How would you characterize Lincoln’s public position in August 1862? What was he prepared to do for slaves, and under what conditions?

Since the beginning of the war, thousands of slaves had fled to the safety of Union lines. In May 1861, Union general Benjamin Butler and others labeled these refugees from slavery contrabands. Butler reasoned that since Southern states had left the United States, he was not obliged to follow federal fugitive slave laws. Slaves who made it through the Union lines were shielded by the U.S. military and not returned to slavery. The intent was not only to assist slaves but also to deprive the South of a valuable source of manpower.

Congress began to define the status of these ex-slaves in 1861 and 1862. In August 1861, legislators approved the Confiscation Act of 1861, empowering the Union to seize property, including slaves, used by the Confederacy. The Republican-dominated Congress took additional steps, abolishing slavery in Washington, DC, in April 1862. Congress passed a second Confiscation Act in July 1862, which extended freedom to runaway slaves and those captured by Union armies. In that month, Congress also addressed the issue of slavery in the West, banning the practice in the territories. This federal law made the 1846 Wilmot Proviso and the dreams of the Free-Soil Party a reality. However, even as the Union government took steps to aid individual slaves and to limit the practice of slavery, it passed no measure to address the institution of slavery as a whole.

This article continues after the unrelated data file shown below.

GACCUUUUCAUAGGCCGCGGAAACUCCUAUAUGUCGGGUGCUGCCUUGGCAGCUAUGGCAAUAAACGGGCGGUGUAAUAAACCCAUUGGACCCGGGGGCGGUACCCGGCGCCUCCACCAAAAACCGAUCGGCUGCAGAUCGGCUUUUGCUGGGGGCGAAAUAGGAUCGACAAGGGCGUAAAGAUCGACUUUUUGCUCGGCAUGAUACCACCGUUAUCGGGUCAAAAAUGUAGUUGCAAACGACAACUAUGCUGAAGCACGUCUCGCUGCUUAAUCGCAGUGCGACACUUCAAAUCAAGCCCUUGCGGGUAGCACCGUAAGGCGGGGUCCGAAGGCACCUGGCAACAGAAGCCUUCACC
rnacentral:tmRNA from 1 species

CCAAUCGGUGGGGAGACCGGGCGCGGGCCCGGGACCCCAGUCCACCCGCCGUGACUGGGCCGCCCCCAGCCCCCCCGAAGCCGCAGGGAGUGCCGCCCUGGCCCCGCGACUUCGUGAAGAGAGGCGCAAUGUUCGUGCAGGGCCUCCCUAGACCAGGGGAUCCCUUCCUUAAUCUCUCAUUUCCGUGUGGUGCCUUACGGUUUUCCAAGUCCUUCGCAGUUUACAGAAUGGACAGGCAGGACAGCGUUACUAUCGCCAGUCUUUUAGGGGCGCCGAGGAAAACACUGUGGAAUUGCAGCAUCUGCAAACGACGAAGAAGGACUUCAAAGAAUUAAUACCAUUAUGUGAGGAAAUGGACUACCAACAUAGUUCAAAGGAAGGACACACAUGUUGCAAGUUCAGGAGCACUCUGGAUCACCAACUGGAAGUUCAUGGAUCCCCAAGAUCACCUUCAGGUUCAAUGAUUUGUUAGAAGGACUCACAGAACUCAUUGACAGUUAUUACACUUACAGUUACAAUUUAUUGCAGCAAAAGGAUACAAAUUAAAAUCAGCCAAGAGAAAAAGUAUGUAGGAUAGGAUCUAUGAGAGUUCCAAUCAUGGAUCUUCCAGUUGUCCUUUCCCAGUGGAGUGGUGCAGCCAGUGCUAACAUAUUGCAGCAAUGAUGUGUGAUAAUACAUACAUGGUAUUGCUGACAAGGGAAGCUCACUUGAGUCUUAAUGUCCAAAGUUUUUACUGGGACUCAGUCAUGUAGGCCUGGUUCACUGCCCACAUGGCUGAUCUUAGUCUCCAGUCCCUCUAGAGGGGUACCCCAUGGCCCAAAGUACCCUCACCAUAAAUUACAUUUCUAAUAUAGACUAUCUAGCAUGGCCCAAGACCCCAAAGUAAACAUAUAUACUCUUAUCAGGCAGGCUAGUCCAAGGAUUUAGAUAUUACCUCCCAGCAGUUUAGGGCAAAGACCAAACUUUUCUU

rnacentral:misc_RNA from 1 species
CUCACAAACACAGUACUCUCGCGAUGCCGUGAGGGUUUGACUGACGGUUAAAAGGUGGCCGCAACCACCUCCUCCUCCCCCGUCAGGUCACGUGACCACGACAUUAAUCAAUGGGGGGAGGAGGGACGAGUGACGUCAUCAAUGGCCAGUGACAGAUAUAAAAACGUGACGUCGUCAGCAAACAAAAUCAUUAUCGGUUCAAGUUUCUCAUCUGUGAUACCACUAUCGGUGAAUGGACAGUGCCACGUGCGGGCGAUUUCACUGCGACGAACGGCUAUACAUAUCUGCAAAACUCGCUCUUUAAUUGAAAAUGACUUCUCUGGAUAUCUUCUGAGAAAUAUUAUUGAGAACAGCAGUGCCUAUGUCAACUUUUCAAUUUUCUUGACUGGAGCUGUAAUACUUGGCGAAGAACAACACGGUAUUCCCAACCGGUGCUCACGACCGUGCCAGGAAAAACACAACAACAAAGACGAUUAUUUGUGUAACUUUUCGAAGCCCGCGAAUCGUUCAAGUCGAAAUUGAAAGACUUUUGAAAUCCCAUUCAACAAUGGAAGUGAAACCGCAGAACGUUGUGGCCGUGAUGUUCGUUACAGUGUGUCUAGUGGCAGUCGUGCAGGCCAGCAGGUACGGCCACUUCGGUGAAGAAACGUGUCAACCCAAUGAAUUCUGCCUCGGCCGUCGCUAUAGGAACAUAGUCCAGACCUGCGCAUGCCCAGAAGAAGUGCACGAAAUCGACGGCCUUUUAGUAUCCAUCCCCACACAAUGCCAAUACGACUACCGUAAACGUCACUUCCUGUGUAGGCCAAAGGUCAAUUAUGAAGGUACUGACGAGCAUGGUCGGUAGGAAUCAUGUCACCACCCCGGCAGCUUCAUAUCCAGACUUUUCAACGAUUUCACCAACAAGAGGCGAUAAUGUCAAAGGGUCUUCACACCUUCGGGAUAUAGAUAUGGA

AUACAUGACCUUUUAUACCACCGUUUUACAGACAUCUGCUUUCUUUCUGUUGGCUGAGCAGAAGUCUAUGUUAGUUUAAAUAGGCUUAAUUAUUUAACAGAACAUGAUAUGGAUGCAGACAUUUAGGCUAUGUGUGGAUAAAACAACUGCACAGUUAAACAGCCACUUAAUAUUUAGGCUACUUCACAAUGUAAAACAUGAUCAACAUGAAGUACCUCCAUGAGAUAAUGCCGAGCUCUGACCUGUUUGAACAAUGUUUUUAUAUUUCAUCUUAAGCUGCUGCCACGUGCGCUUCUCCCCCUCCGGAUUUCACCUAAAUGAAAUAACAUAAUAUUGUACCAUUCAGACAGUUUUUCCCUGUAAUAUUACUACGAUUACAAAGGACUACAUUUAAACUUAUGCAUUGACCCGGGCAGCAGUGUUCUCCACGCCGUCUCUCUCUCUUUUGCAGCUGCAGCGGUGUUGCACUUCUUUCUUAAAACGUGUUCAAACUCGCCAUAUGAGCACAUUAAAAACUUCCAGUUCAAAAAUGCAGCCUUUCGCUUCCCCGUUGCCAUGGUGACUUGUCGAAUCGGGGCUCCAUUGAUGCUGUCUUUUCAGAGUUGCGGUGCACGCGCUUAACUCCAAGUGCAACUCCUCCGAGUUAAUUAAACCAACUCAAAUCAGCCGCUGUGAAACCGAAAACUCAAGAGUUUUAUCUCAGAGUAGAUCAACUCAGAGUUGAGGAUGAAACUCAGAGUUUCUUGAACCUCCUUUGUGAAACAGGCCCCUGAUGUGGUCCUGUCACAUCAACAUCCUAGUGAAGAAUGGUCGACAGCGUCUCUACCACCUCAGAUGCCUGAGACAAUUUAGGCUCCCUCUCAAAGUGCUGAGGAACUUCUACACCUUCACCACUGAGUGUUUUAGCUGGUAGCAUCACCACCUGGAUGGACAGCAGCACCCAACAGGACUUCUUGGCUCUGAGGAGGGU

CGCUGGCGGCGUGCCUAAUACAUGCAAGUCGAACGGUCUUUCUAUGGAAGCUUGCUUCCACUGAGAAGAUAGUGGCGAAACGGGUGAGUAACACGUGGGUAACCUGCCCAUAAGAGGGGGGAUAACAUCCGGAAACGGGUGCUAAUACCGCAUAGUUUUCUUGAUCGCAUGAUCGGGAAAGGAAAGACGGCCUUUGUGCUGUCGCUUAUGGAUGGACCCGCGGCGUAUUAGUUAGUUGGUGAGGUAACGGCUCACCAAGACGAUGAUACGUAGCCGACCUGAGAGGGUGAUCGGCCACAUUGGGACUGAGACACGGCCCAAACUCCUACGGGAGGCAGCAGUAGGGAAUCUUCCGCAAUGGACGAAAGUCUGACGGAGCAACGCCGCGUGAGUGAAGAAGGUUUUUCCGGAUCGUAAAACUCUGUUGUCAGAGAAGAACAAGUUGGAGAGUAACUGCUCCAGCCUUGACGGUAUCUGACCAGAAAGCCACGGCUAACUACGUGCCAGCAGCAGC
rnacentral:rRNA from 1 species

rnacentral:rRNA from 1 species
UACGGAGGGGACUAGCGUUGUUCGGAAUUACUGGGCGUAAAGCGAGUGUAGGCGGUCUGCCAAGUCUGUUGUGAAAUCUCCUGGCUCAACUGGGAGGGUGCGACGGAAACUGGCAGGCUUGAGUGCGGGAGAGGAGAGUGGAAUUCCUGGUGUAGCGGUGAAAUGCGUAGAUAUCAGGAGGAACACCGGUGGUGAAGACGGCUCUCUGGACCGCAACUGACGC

Lincoln moved slowly and cautiously on the issue of abolition. His primary concern was the cohesion of the Union and the bringing of the Southern states back into the fold. However, as the war dragged on and many thousands of contrabands made their way north, Republicans in Congress continued to call for the end of slavery. Throughout his political career, Lincoln’s plans for former slaves had been to send them to Liberia. As late as August 1862, he had hoped to interest African Americans in building a colony for former slaves in Central America, an idea that found favor neither with black leaders nor with abolitionists, and thus was abandoned by Lincoln. Responding to Congressional demands for an end to slavery, Lincoln presented an ultimatum to the Confederates on September 22, 1862, shortly after the Confederate retreat at Antietam. He gave the Confederate states until January 1, 1863, to rejoin the Union. If they did, slavery would continue in the slave states. If they refused to rejoin, however, the war would continue and all slaves would be freed at its conclusion. The Confederacy took no action. It had committed itself to maintaining its independence and had no interest in the president’s ultimatum.